We hopped on the open air double decker bus for 18 euro each and took a tour around the city. Now on day two I’m starting to figure out the driving. It’s a free for all. There are no marked lanes and everyone just fends for themselves. There are also a TON of scooters and motorcycles. You have grandmas rolling around on massive scooters, you have businesswomen in skirts running around on scooters. There may be as many motorbike/scooters as there are cars.
I haven’t found a way to get a large coffee to go. It seems what they consider a large cup of coffee is about 3 ounces. I’ve asked for cafe americano, I’ve asked for a large coffee. No dice. The best you’ll get is a small coffee cup filled about two thirds with coffee. Rome is a lot like NYC with the throngs of well dressed people but the one accessory they don’t tote around here is their venti mochachino lattes in the Starbucks paper cup. As a matter of fact I don’t think I’ve seen a single person walking around with a coffee to go. It would be interesting to read a current study on who drinks more coffee per capita- Americans or Italians. Everyone I know drinks at least one cup of coffee a day and it’s usually a big ass 16 ouncer. I myself probably average 32 ounces a day. That would be equal to ten of these tiny cups they serve over here. And before anyone tries to correct me, I know the difference between a shot of espresso and a cup of cafe americano.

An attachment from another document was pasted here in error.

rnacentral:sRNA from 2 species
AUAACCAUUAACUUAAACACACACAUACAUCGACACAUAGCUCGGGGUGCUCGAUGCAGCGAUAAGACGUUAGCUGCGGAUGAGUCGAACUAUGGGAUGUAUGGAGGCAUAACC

Lunch was at Sofia, Asparagus Risotto- sublime. Then to to Spanish Steps where I decided to drink from the fountain. We then rolled on down to the Trevi Fountains and tossed a few Euro over our shoulders (a tradition which supposedly insures that you’ll make your way back to Rome)
This afternoon was spent at Campo De Fiore at an outdoor cafe drinking wine, amaretto, persecco and eating breads and cheeses.
The open bus tour was a great take as the guided tour filled you in on all the stunning sights. Tomorrow we take the train from Rome to Naples where we pick up the rental car and head to the Amalfi Coast.